Always Sunny is a muted orange with a matte finish. It had so-so pigmentation an felt soft to the touch, but it was on the powdery side. This was one of the “best” performing shades out of the four. Chanel Tigerlily is brighter, more tangerine. Inglot #368 is a bit lighter. MAC Samoa Silk is a smidgen lighter.

Ever Ivory is a pale white with a matte finish. It had decent color payoff, but it disappears if you attempt to blend it out. It was very powdery. MAC Laundry Daze is darker, less ivory. Bobbi Brown White is cooler-toned. Inglot #351 is similar, slightly less beige.

Fashion Fix is a gray-tinged brown–taupe–with a mostly matte finish. It had some powderiness, but the color payoff was the best out of the four. Chanel Premier Regard is browner. MAC Satin Taupe is darker and frostier. Inglot #363 is darker and more pigmented–if used lightly, I think you would get rather close.

Linger Softly is a pale medium-dark blue with silver micro-shimmer. It had so-so color payoff, and it was rather dusty. This shade had a tendency to disappear when you applied and blended it. MAC Bright Moon is similar. MAC Frozen Blue has a more frosted finish.

Here’s how MAC describes these: “A unique longwearing Eye Shadow with a silky, creamy texture formulated for maximum colour impact. Easily blendable and buildable; lids are visibly smooth no matter how intense the application. Lasts 8 hours.” These should have a great texture, be nicely pigmented and blendable, while wearing for eight hours.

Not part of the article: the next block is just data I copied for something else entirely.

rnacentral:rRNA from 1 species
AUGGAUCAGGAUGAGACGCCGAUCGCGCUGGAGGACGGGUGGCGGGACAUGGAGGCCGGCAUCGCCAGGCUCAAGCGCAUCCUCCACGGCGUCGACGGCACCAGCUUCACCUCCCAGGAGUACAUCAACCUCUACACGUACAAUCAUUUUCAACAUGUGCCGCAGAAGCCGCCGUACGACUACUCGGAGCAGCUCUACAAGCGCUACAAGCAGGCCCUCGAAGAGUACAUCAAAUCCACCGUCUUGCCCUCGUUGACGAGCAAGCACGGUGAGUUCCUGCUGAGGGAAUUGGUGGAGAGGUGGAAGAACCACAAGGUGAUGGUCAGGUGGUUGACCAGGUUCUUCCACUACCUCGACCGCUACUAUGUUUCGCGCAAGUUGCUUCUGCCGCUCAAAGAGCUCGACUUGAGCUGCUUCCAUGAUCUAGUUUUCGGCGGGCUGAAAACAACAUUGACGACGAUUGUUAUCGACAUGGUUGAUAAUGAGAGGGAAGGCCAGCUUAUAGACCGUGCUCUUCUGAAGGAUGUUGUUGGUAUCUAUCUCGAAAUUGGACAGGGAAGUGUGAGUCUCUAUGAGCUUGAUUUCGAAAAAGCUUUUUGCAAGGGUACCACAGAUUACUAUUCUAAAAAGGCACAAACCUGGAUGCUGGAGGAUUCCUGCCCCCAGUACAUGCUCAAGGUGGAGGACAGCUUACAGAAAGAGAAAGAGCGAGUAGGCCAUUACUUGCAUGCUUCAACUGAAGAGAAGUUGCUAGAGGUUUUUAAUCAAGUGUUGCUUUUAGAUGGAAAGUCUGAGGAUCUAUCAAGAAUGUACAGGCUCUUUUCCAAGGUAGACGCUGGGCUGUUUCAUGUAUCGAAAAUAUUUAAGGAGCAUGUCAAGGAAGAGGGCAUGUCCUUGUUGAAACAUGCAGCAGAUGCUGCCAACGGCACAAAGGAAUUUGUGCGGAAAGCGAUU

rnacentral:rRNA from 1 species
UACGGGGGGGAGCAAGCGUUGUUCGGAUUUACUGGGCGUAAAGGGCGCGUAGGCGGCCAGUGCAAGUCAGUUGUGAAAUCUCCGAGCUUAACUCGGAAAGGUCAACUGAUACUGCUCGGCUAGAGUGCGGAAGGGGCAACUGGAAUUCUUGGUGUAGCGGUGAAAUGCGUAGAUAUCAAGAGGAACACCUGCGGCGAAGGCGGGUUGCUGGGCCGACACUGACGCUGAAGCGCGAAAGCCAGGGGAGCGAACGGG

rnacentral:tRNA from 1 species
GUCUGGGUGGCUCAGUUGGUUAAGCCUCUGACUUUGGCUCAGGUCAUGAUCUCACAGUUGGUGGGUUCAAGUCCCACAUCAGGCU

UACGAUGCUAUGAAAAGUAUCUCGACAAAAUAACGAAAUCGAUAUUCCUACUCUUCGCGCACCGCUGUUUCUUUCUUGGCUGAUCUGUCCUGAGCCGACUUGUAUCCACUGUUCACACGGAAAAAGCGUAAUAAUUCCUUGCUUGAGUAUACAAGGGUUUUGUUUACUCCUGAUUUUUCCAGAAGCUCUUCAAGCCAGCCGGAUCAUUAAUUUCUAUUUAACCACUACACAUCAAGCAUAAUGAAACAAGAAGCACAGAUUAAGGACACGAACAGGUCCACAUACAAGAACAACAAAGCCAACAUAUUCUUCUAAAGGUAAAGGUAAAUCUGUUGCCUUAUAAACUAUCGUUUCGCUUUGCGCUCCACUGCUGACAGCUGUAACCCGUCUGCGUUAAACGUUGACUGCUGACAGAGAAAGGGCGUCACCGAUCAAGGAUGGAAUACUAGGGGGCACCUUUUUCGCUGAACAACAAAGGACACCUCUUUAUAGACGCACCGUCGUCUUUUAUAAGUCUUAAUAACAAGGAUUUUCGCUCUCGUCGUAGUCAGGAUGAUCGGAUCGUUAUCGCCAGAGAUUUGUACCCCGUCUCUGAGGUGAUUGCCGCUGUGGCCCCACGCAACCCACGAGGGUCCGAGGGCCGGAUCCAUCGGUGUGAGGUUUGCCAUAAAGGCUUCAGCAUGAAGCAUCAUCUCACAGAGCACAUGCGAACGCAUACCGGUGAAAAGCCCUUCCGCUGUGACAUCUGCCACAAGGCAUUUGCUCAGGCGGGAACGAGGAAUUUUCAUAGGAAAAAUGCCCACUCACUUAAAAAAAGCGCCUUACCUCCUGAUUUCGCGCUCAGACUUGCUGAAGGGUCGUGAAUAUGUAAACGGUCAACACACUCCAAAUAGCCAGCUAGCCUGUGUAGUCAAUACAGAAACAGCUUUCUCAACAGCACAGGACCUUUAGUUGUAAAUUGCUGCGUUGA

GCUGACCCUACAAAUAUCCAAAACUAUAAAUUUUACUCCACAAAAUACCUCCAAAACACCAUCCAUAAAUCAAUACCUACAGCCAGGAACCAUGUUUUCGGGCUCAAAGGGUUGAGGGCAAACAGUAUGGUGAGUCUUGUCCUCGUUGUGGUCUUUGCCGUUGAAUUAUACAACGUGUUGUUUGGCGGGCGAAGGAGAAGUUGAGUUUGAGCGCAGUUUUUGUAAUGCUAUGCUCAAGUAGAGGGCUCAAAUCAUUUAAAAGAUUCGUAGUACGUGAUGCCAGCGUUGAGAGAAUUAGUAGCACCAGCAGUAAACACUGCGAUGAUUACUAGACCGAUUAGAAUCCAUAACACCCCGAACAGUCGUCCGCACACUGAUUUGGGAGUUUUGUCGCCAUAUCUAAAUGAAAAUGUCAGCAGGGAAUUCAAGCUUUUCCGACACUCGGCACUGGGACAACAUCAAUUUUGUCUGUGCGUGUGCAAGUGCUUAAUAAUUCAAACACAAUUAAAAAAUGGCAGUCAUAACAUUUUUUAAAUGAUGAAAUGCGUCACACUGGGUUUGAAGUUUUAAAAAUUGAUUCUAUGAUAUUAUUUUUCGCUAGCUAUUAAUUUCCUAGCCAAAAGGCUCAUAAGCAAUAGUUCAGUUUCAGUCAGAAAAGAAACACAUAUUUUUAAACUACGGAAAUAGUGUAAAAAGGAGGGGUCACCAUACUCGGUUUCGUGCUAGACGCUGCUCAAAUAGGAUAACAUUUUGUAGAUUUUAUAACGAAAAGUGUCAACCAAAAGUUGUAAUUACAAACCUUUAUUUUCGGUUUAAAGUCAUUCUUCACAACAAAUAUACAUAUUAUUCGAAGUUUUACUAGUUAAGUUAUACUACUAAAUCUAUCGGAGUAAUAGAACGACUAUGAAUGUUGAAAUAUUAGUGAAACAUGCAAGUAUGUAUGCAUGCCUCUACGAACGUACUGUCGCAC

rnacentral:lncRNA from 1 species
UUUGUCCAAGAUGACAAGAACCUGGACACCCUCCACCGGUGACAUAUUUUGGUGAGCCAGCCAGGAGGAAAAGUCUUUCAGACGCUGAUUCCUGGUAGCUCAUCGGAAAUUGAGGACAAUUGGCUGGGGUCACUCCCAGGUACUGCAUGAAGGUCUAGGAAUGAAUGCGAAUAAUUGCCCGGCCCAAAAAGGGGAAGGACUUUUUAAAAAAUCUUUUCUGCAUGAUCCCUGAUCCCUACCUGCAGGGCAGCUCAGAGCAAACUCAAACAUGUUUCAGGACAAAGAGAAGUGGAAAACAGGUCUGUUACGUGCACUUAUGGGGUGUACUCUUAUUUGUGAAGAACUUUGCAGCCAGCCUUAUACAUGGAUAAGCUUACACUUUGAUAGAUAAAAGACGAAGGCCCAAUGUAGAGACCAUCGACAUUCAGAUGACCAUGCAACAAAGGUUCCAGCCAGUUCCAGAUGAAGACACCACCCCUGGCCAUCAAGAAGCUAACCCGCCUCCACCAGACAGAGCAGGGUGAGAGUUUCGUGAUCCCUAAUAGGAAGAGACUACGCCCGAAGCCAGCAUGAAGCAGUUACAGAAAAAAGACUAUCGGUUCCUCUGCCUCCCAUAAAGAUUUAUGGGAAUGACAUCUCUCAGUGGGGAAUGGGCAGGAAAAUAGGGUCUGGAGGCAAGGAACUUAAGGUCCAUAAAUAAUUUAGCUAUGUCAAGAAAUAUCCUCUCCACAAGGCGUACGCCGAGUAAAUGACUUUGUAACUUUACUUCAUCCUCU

These shades are not very pigmented, and they’re barely buildable. Trying to layer the color on doesn’t intensify the color, but it does add a layer of powdery dust to your lid that serves to make the lid look drier and drier. I couldn’t yield visible color with the majority of shades without some sort of eyeshadow base/primer underneath, which is really a shame. To show you the products in action, I had to use them over a primer. When I tested the wear, I wore them without and with a primer. Funny enough, you wouldn’t even believe I had applied eyeshadow–after six hours, it looked like I had bare lids–so the reality is they wear for about three to four hours in sum. It was the same wear for alone or over primer.